Pitt downs ‘Cuse behind the “blackout”
By: Ryan Bertonaschi
Four minutes into Saturday afternoon’s contest at the Petersen Events Center, Pitt’s senior leader, Cameron Wright, hobbled off the floor and exited the game for the remainder of the day after twisting his left ankle. His replacement, sophomore Sheldon Jeter, consequently ran the length of the sideline, removed his all-black warm-up and checked in.
Jeter would provide the Pitt Panthers (16-8, 5-5 ACC) with the jolt of offense they needed to secure a win against the Syracuse Orange (15-8, 6-4 ACC) in a seesaw battle before some 12,508 fans decked out in black, many of whom partook in Pitt’s first-ever organized “blackout” game. After the bout, Pitt coach Jamie Dixon voluntarily called the crowd, “As good as we’ve ever had.”
The Panthers were down by as many as 10 points in the first half at the hands of Syracuse forward Michael Gbinije and its menacing center Rakeem Christmas, who scored 10 points in the first half and finished with a game-high 23 points, and the Orange held Pitt’s Jamel Artis to just six first-half points.
But Pitt guard Chris Jones hit 3-pointers on back-to-back possessions five minutes into the second half, and the Panthers tied the contest.
“Even though they only made seven threes,” Syracuse coach Jim Boeheim said after the game. “That’s pretty good for them, and they made some key ones. Jones’ were particularly big. We had a 6-point lead and he hit two to bring it back to even.”
Pitt snagged its first lead of the game two minutes later when Jeter made the second of two free throws, giving Pitt a 51-50 lead.
There would be seven ties and eight more lead changes in the remainder of the game. In the end, the Panthers made more shots down the stretch and reeled in more offensive rebounds. Pitt shot 48 percent from the floor and collected 16 offensive rebounds, opposed to Syracuse’s 50 percent and 12 offensive rebounds. The Panthers also scored 21 second chance points and got 33 points from their bench, while Syracuse’s starters scored 73 of its 77 points.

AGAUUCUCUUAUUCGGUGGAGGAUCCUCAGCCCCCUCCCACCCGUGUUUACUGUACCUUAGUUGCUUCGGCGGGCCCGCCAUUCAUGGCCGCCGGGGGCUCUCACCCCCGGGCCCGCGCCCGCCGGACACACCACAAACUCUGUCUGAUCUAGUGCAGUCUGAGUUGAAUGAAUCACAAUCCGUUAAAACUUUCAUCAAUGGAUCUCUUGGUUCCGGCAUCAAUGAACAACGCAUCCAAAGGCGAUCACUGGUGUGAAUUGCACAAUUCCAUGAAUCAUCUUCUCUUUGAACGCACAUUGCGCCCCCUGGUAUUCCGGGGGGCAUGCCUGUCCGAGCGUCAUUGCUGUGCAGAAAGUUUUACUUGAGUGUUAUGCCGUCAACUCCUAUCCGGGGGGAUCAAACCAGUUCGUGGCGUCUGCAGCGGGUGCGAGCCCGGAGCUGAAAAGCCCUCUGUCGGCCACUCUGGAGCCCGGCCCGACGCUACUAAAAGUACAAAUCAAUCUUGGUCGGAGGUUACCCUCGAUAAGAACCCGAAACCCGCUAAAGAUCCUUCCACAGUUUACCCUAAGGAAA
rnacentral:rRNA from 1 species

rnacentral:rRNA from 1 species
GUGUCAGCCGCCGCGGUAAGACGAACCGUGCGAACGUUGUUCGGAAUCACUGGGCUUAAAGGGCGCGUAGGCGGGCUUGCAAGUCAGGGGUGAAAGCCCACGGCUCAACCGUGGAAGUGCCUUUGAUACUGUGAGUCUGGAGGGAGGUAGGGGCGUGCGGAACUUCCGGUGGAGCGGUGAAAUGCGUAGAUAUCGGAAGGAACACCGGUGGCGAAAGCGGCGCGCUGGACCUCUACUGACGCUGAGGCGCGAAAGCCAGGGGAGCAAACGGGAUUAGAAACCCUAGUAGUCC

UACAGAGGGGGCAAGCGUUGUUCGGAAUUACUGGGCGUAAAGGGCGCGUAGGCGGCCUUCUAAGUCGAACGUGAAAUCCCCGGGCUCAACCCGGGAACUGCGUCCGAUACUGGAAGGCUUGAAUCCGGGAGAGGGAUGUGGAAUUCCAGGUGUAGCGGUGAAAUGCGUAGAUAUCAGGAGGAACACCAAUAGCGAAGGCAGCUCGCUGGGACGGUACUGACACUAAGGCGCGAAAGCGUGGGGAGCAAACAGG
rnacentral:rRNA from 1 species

Pitt, in its all-black uniforms, took its second lead of the game on a 15-foot jumper by Jamel Artis with 8:52 to play. Christmas was called for a moving screen on the ensuing possession, and the Panthers made the Orange pay for their center’s mistake. Michael Young caught a pass in the low post and banked home a reverse lay-up, also drawing a foul on the play, and Pitt’s fans exploded from their seats.
With two minutes to play, the Panthers displayed vintage Pitt ball movement, which led to a left-handed lay-in by Artis. Young swatted Christmas’ shot attempt on the next possession, and Jeter hit a wide-open jumper to put the Panthers up 80-75, a lead they would not render for the rest of the afternoon.
“I thought the difference in the game was Jeter coming off the bench for them,” Boeheim said. “Our offense was not the problem. We couldn’t stop them when we needed to, and I think Jeter was a big part of it.”
Dixon said in his postgame remarks that, earlier in the week, he caught Sheldon Jeter putting in after-hours work at the Petersen Events Center. According to Dixon, Jeter was working on his shot alone after a team film session. Dixon later texted Jeter, saying, “I know how bad you want it. I know how hard you’re working. It’s going to come.”
It came for Jeter. He was one of five Panthers who scored in double figures.
For Pitt’s sixth straight game, Artis was the Panthers’ leading scorer. He registered 20 points and 10 rebounds. Jeter scored a season-high 18 points, and Jones chipped in with 15. Young and Robinson followed with 13, and Young had 11 rebounds.
“It’s as good as we’ve attacked their [2-3] zone, and it’s a good thing going forward as we get ready for Louisville.”
Pitt travels to the KFC Yum Center, the home of the Cardinals, for an 8 p.m. tipoff Wednesday.